I think Leroy Forlines said it well in his valuable pamphlet Morals & Orthodoxy. He raised the question, “ “If orthodox thought is necessary for sound morality, the question might be asked if a sound morality is essential for orthodoxy?” [3] Forlines poroceeds to answer in the affirmative, stating, “Orthodoxy and morality [orthopraxy] are inseparably bound together. Each needs the other. Anemic morality cannot continually support orthodox theology and orthodox Cheristian experiences” [4].

Much more could be said about the relationship between doctrine and practice, or theology and morality (or ethics). Readers may see my 2012 Theological Symposium paper for some further insight and secondary sources to consider on this topic.

Christianity: World-Affirming or World-Denying?

The way Christian communities understand the fundamental essence of their faith informs how they engage the world in word and deed. Seeing Christianity as a set of metaphysical claims about God’s existence and personal salvation, or envisioning it as principally about the reform of society and its citizens, will inevitably shape how the church postures itself in the world. Christians in the past and even today can be found on various ends of the spectrum in their approach to ministry.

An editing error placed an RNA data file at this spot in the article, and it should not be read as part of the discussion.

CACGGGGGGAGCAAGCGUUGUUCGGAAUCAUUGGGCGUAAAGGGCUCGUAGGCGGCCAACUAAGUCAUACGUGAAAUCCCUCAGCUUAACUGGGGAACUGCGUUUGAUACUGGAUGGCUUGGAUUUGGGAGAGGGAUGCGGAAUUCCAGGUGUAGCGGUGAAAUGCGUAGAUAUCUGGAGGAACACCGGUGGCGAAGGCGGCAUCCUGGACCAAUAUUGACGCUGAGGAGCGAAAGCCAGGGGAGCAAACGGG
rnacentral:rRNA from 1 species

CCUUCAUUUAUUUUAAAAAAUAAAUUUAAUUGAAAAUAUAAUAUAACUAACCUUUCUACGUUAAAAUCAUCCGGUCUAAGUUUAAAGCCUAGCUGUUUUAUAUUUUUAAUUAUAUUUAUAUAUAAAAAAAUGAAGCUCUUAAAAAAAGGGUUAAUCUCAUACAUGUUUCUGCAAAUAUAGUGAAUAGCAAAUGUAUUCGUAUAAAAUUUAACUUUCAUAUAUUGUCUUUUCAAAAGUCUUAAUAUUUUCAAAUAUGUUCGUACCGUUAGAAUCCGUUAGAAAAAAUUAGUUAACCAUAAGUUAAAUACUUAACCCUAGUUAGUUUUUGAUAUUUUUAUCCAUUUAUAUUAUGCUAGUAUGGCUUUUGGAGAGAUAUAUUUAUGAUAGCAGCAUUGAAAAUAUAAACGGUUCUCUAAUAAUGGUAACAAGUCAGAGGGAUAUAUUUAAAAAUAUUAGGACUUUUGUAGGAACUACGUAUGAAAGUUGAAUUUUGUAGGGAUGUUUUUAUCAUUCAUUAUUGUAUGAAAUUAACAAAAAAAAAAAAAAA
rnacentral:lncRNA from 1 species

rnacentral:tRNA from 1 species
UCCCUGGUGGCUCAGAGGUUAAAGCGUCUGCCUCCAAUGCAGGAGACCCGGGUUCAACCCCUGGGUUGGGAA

Yet Turner notes that the nineteenth century witnessed a wide-scale rise of moral reform organizations, including societies for temperance, sabbatarianism, antislavery, anti-dueling, and more [5]. Ironically, Turner’s narrative of early American religion also includes significance evidence of how many orthodox Christians enthusiastically embraced scientific advancement and discovery prior to and during this same period. Some even embraced such changes with the mindset that these advances were the means by which God was establishing His kingdom in the world. Not surprisingly, many theologians were postmillennialists in this era.

These trends force us to ask some significant questions about how Christianity relates to the world. “World” is indeed one of those tricky words which, like most words, has a range of meaning. Theologically speaking, it can refer to God’s good creation, the nations of the earth, or fallen humanity and the brokenness of the present order. Context is everything in making the determination of what “world” means in a given passage.

However, there is a larger, practical concern beyond word studies. Is Christianity world-affirming or world-denying? When we consider any number of passages[6], we could find different answers to this question: